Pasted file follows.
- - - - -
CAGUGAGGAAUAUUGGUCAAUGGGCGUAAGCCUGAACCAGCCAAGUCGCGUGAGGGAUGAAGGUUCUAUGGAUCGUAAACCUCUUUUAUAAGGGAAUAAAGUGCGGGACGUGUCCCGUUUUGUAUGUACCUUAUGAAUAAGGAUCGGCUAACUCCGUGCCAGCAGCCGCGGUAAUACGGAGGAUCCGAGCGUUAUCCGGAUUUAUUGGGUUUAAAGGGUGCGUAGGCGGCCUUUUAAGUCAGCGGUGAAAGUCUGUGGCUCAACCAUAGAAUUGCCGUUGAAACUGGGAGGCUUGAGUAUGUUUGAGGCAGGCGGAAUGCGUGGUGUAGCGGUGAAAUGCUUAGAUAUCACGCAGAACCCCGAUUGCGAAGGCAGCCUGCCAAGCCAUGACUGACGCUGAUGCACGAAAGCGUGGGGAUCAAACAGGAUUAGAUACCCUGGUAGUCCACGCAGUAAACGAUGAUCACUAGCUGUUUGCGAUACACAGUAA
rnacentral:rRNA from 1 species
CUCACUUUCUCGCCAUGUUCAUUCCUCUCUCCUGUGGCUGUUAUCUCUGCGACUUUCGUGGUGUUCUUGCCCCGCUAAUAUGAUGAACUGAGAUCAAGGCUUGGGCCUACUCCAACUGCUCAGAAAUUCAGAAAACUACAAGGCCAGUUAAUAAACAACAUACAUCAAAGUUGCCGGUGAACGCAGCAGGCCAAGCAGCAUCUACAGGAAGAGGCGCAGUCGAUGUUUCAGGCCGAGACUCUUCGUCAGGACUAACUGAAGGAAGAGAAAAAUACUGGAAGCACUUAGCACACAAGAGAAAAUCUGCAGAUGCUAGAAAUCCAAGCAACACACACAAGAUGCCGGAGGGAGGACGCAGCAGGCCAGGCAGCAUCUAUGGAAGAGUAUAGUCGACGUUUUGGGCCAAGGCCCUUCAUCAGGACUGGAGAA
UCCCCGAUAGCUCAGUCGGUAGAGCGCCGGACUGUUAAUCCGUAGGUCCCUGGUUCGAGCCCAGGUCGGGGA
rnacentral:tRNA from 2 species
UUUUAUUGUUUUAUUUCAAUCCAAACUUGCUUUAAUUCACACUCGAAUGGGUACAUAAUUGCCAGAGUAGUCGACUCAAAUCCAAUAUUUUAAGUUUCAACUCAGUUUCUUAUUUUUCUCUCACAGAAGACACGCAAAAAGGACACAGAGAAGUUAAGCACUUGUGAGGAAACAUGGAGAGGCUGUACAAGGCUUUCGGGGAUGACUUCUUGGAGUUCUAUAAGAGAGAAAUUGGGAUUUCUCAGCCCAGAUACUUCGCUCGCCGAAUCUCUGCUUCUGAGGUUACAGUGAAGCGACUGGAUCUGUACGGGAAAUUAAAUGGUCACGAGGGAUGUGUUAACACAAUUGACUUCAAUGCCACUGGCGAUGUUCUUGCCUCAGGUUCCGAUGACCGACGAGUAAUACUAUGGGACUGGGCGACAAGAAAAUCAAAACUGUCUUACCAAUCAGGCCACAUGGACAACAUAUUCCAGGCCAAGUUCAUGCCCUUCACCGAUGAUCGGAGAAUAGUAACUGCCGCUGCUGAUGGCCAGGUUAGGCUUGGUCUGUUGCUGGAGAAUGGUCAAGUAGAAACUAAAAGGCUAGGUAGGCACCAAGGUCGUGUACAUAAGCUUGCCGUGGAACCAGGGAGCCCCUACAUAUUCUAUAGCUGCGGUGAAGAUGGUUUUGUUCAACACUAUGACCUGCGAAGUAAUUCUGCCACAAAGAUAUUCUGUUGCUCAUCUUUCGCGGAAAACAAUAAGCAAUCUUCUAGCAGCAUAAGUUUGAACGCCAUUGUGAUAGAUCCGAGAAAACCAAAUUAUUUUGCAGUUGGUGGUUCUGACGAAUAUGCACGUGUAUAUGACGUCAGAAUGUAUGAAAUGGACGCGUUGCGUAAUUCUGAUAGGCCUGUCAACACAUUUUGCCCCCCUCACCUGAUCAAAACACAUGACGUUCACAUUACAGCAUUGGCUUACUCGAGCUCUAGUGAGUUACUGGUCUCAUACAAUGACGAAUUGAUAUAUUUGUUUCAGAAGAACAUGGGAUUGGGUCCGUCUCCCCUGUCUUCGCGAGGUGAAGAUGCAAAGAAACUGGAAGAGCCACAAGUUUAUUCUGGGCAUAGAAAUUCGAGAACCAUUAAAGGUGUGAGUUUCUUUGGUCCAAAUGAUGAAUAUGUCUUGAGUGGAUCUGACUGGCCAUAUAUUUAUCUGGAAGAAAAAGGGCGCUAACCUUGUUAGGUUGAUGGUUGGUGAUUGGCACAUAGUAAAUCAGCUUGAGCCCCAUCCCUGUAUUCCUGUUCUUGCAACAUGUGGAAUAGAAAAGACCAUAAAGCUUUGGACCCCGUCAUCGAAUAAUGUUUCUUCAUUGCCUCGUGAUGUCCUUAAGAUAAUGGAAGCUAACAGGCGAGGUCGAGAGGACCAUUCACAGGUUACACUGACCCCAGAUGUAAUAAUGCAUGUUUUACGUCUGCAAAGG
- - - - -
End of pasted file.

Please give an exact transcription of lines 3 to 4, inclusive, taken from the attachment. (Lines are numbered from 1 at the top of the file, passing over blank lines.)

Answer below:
CUCACUUUCUCGCCAUGUUCAUUCCUCUCUCCUGUGGCUGUUAUCUCUGCGACUUUCGUGGUGUUCUUGCCCCGCUAAUAUGAUGAACUGAGAUCAAGGCUUGGGCCUACUCCAACUGCUCAGAAAUUCAGAAAACUACAAGGCCAGUUAAUAAACAACAUACAUCAAAGUUGCCGGUGAACGCAGCAGGCCAAGCAGCAUCUACAGGAAGAGGCGCAGUCGAUGUUUCAGGCCGAGACUCUUCGUCAGGACUAACUGAAGGAAGAGAAAAAUACUGGAAGCACUUAGCACACAAGAGAAAAUCUGCAGAUGCUAGAAAUCCAAGCAACACACACAAGAUGCCGGAGGGAGGACGCAGCAGGCCAGGCAGCAUCUAUGGAAGAGUAUAGUCGACGUUUUGGGCCAAGGCCCUUCAUCAGGACUGGAGAA
UCCCCGAUAGCUCAGUCGGUAGAGCGCCGGACUGUUAAUCCGUAGGUCCCUGGUUCGAGCCCAGGUCGGGGA